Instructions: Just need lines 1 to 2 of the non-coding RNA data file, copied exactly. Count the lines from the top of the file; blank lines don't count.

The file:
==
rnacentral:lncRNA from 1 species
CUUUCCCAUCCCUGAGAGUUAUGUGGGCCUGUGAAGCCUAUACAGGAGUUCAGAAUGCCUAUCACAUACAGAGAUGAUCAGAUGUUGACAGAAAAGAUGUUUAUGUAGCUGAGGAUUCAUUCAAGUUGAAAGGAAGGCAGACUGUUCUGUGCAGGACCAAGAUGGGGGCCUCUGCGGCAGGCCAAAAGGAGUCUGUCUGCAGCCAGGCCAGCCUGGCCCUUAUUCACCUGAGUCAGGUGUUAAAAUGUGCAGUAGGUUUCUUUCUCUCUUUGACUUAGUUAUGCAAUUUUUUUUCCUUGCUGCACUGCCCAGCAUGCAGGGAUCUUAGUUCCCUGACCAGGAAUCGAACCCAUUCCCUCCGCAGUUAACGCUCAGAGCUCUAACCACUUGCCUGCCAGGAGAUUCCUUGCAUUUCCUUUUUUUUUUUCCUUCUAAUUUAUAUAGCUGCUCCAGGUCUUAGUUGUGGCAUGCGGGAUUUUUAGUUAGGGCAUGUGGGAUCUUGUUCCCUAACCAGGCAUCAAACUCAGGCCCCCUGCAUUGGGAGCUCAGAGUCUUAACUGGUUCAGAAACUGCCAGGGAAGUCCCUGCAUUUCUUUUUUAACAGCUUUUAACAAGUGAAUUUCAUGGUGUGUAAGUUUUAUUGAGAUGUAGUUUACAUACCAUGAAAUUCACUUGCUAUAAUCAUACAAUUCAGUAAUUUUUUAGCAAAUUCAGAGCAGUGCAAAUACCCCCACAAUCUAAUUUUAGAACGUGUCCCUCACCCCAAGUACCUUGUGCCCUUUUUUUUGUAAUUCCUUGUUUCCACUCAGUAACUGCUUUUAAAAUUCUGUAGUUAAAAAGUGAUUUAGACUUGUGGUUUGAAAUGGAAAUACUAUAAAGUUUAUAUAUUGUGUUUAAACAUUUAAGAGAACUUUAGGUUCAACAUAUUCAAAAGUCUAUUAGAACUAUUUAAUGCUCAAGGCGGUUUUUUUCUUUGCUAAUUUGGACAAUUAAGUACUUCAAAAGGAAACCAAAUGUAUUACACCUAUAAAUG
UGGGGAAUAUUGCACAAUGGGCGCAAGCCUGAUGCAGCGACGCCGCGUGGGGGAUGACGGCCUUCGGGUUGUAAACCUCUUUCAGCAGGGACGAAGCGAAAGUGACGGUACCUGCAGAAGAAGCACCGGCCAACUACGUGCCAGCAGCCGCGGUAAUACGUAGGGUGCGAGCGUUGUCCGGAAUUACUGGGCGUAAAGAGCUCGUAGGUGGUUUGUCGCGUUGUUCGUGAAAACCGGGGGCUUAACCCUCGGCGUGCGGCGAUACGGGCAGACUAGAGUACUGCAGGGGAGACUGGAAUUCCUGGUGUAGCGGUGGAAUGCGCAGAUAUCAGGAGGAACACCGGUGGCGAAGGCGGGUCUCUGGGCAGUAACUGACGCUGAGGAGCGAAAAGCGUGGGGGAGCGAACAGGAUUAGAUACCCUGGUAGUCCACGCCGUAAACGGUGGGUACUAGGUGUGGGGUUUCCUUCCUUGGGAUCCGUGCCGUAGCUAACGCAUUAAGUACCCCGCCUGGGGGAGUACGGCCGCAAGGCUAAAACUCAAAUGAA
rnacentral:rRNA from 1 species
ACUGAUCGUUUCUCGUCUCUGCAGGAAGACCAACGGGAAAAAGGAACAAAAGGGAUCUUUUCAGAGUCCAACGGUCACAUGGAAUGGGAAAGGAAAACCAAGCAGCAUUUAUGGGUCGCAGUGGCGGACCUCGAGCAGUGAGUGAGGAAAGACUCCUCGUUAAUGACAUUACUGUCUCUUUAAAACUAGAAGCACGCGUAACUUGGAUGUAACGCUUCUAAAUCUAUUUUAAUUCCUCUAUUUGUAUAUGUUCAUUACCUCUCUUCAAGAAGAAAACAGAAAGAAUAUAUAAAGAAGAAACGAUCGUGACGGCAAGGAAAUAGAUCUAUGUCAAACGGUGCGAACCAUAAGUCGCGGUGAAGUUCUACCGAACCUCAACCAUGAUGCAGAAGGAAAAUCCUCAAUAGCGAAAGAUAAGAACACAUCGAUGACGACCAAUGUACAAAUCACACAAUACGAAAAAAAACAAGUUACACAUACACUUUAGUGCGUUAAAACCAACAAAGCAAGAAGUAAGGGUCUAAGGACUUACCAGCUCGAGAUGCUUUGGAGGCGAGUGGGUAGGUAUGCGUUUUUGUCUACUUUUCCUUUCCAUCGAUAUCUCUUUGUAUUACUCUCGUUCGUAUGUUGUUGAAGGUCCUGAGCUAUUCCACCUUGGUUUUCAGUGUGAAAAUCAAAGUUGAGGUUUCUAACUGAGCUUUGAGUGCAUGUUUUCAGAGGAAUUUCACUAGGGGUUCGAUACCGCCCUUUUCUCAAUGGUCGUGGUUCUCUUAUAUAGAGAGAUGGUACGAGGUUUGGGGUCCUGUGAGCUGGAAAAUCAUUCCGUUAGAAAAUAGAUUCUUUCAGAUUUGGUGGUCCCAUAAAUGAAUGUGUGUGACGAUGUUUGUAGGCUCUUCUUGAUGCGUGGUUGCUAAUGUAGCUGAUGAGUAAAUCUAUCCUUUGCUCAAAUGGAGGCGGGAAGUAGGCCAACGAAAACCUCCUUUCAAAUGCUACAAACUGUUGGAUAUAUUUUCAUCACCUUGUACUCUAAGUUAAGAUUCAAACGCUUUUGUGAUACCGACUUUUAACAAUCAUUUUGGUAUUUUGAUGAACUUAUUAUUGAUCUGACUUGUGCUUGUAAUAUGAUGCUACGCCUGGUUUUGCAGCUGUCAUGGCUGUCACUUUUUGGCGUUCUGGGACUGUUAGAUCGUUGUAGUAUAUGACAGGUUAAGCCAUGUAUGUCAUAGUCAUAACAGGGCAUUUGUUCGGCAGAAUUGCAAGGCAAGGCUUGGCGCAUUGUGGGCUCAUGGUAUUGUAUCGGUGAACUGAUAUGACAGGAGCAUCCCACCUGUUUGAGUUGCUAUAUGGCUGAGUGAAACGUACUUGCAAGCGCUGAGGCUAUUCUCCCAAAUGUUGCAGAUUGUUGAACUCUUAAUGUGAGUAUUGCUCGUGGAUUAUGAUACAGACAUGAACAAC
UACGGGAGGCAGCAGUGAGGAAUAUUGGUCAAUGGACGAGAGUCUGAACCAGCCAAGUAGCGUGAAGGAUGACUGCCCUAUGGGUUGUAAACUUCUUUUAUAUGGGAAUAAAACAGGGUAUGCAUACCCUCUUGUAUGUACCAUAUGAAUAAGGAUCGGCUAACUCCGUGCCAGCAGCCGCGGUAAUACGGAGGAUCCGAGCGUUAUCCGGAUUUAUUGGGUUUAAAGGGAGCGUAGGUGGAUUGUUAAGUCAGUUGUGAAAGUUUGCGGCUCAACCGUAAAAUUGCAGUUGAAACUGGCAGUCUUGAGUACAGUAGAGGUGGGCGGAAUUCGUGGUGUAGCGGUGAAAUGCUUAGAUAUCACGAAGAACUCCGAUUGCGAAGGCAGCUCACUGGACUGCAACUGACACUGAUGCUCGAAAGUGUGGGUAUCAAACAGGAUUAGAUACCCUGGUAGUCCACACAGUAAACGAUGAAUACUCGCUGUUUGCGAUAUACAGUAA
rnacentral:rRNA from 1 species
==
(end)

rnacentral:lncRNA from 1 species
CUUUCCCAUCCCUGAGAGUUAUGUGGGCCUGUGAAGCCUAUACAGGAGUUCAGAAUGCCUAUCACAUACAGAGAUGAUCAGAUGUUGACAGAAAAGAUGUUUAUGUAGCUGAGGAUUCAUUCAAGUUGAAAGGAAGGCAGACUGUUCUGUGCAGGACCAAGAUGGGGGCCUCUGCGGCAGGCCAAAAGGAGUCUGUCUGCAGCCAGGCCAGCCUGGCCCUUAUUCACCUGAGUCAGGUGUUAAAAUGUGCAGUAGGUUUCUUUCUCUCUUUGACUUAGUUAUGCAAUUUUUUUUCCUUGCUGCACUGCCCAGCAUGCAGGGAUCUUAGUUCCCUGACCAGGAAUCGAACCCAUUCCCUCCGCAGUUAACGCUCAGAGCUCUAACCACUUGCCUGCCAGGAGAUUCCUUGCAUUUCCUUUUUUUUUUUCCUUCUAAUUUAUAUAGCUGCUCCAGGUCUUAGUUGUGGCAUGCGGGAUUUUUAGUUAGGGCAUGUGGGAUCUUGUUCCCUAACCAGGCAUCAAACUCAGGCCCCCUGCAUUGGGAGCUCAGAGUCUUAACUGGUUCAGAAACUGCCAGGGAAGUCCCUGCAUUUCUUUUUUAACAGCUUUUAACAAGUGAAUUUCAUGGUGUGUAAGUUUUAUUGAGAUGUAGUUUACAUACCAUGAAAUUCACUUGCUAUAAUCAUACAAUUCAGUAAUUUUUUAGCAAAUUCAGAGCAGUGCAAAUACCCCCACAAUCUAAUUUUAGAACGUGUCCCUCACCCCAAGUACCUUGUGCCCUUUUUUUUGUAAUUCCUUGUUUCCACUCAGUAACUGCUUUUAAAAUUCUGUAGUUAAAAAGUGAUUUAGACUUGUGGUUUGAAAUGGAAAUACUAUAAAGUUUAUAUAUUGUGUUUAAACAUUUAAGAGAACUUUAGGUUCAACAUAUUCAAAAGUCUAUUAGAACUAUUUAAUGCUCAAGGCGGUUUUUUUCUUUGCUAAUUUGGACAAUUAAGUACUUCAAAAGGAAACCAAAUGUAUUACACCUAUAAAUG